In case this kind of thing interests you as much as it does me, there are six players named Williams on the roster (none related and they come from four states).
INSIDE LINEBACKER (WILL)
Shane Gordon has moved ahead of senior Tristan Roberts and looks like he may line up next to Sam linebacker Max Gruder in the opener.
Thomas and Gordon would give Pitt’s defense speed, explosiveness and play-making ability. That’s why I think they will start. But Graham has yet to ask my opinion. Must have been an oversight.
Redshirt freshman Mark Myers has stepped up his game since quarterbacks coach Todd Dodge questioned “the fire in his belly” earlier this week.
Myers has a strong, accurate arm and a great release, but there are people (not coaches) who will tell you he doesn’t fit into this speed-based offense.
It’s going to be interesting to see how the quarterback position develops in the next two years, with Myers, Trey Anderson and 2012 recruit Chad Voytik behind Tino Sunseri. (Notice the absence of Anthony Gonzalez’s name. Right now, he’s an H-back.)
If I can take the liberty to read into the coach’s words, he seems more pleasantly surprised with Anderson, a freshman walkon, than so incredibly impressed by his strong play.
Don’t get me wrong: Anderson has done a lot of good things in an offense that is nearly identical to the one he ran so well at Pearland (Texas) High School. But I get the feeling that if he was playing at the same level as a junior, it would hardly be worth a mention.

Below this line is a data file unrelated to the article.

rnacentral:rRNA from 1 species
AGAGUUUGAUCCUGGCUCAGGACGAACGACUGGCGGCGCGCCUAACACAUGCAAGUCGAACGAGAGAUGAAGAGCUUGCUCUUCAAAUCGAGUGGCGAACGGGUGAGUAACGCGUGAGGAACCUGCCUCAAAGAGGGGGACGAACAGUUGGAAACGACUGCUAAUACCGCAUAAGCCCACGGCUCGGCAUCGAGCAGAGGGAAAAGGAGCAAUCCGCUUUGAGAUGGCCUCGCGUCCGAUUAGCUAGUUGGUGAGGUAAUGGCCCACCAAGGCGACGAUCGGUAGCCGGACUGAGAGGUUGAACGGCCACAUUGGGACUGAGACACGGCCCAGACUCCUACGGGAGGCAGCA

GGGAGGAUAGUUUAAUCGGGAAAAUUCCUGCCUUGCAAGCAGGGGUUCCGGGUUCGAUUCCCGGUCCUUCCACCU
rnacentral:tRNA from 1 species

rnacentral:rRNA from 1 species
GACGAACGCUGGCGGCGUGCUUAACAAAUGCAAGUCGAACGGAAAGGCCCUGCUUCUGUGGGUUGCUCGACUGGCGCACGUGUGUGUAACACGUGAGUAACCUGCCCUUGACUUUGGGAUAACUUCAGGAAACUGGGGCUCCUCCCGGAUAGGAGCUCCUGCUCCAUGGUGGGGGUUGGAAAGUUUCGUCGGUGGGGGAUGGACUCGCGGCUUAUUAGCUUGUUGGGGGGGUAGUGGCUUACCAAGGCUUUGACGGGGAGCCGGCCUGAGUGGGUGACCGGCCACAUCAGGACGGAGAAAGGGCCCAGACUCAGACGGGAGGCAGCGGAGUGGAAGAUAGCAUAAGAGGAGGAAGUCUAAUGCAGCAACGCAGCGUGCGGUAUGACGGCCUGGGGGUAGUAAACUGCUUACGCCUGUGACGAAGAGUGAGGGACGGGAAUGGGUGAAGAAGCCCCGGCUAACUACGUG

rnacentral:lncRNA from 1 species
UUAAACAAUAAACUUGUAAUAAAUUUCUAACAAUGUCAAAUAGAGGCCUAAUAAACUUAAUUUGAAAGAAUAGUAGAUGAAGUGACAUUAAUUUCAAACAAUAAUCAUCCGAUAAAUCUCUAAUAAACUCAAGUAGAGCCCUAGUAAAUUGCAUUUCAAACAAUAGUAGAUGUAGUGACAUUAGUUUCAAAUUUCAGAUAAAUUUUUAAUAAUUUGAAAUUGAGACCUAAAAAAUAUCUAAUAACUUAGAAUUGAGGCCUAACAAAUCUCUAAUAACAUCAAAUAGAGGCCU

Injuries have hampered Devin Street, Cam Saddler and Ed Tinker, but the top five look like this (when everyone is healthy):
Street, Mike Shanahan, Cam Saddler, Salath Williams and Josh Brinson, followed by Tinker and freshmen Ronald Jones, Darius Patton and Justin Jackson.
BACKUP RUNNING BACK
It’s a battle for the few carries Ray Graham and Zach Brown won’t get. Look for freshman Corey Davis to be the first in line.
“We are going to have a hard time not playing Corey Davis,” Graham said, “because he has such big-play capabilities. And Malcolm Crockett (another freshman) is such a physical every-down back.”
Freshman Isaac Bennett also has had some moments.
“I like the speed they provide,” Graham said. “I thought defensive line would be the strongest position on the field. It might be running back after watching this camp.”
Still, expect one or two of the freshmen to take a redshirt this season.
Graham said he is also impressed with a variety of other freshmen, including cornerbacks Lafayette Pitts and Lloyd Carrington and linebackers LaQuentin Smith, Nicholas Grigsby and Ejuan Price.
In terms of who gets on the field first, Graham said it may happen in this order: Price, either Pitts or Carrington and Smith.
— The best news today was Patton planning to be released from UPMC Presbyterian after passing out at practice Thursday.
“We are very pleased that things are going well and he is doing well,” Graham said.
Graham has been pleased with Patton’s progress on the field.
“It was tough getting used to the physicality,” he said of the 170-pound Patton. “Guys are a little bigger than what he was used to playing against. Then, he really came on.”
— By the way, Graham has said he won’t comment on what the team’s publicity people refer to as “nickel and dime” injuries. He will talk only about long-term problems.
He said he wants to protect his players from opponents with malicious intent. In other words, if a player has a sore toe and an opponent reads about it on the Internet, that toe becomes a target during a game. “Don’t think they won’t,” Graham said.